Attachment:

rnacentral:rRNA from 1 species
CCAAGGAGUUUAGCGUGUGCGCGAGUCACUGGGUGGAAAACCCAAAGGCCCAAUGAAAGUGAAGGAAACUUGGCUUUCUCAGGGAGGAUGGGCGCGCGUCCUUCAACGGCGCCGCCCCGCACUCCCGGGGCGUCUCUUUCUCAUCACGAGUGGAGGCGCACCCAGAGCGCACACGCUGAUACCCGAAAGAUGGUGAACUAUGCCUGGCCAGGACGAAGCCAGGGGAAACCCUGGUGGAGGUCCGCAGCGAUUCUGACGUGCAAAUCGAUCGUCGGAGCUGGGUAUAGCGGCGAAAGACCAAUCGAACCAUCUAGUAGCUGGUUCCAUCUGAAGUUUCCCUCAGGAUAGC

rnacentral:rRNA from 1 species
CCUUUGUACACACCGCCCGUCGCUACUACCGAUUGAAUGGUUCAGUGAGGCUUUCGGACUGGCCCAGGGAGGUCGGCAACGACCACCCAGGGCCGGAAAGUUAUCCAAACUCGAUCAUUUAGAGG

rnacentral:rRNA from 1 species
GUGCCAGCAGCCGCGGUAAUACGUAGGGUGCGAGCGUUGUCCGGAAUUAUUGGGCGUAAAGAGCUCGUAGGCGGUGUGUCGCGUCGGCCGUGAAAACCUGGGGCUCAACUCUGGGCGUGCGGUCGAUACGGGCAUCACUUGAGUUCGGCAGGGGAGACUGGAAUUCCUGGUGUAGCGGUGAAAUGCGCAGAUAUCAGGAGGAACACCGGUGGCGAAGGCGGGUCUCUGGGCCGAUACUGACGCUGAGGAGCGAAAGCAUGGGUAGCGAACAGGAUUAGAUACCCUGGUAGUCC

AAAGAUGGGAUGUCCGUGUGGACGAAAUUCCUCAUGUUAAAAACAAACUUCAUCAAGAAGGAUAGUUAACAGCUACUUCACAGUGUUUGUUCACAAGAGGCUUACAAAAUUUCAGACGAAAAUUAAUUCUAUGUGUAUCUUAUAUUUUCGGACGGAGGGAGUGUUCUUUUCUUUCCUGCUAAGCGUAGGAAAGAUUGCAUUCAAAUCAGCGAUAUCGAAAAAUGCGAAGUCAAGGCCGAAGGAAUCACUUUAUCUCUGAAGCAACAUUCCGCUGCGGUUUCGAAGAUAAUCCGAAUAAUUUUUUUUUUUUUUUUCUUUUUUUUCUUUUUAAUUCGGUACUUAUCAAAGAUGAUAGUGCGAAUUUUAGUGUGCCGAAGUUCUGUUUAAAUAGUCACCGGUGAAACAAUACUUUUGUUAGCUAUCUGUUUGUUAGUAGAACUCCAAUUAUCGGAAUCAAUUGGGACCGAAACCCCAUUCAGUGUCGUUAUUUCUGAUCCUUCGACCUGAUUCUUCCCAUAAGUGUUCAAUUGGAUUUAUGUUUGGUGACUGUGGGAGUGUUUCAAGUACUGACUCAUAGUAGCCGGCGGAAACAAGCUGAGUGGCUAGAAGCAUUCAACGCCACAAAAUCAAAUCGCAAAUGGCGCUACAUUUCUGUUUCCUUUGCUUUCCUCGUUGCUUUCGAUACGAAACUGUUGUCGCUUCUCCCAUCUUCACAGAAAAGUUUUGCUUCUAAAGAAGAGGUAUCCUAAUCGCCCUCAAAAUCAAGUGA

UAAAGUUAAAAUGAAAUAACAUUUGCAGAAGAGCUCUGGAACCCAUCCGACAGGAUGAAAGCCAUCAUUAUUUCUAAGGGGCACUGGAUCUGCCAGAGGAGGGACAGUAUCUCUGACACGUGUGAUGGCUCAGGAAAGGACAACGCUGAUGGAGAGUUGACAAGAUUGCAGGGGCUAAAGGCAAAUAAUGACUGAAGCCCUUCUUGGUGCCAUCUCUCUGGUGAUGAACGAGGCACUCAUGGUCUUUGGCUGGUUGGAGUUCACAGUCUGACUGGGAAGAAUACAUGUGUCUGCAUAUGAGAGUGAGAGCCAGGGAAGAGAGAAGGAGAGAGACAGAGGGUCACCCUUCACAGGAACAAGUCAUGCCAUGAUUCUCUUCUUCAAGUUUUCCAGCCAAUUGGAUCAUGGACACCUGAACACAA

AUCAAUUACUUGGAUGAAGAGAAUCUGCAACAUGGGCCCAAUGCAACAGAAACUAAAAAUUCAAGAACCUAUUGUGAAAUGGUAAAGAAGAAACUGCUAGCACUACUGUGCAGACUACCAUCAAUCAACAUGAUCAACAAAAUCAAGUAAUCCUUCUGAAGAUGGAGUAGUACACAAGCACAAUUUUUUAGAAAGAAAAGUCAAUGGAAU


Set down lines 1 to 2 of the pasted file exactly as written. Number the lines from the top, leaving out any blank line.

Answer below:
rnacentral:rRNA from 1 species
CCAAGGAGUUUAGCGUGUGCGCGAGUCACUGGGUGGAAAACCCAAAGGCCCAAUGAAAGUGAAGGAAACUUGGCUUUCUCAGGGAGGAUGGGCGCGCGUCCUUCAACGGCGCCGCCCCGCACUCCCGGGGCGUCUCUUUCUCAUCACGAGUGGAGGCGCACCCAGAGCGCACACGCUGAUACCCGAAAGAUGGUGAACUAUGCCUGGCCAGGACGAAGCCAGGGGAAACCCUGGUGGAGGUCCGCAGCGAUUCUGACGUGCAAAUCGAUCGUCGGAGCUGGGUAUAGCGGCGAAAGACCAAUCGAACCAUCUAGUAGCUGGUUCCAUCUGAAGUUUCCCUCAGGAUAGC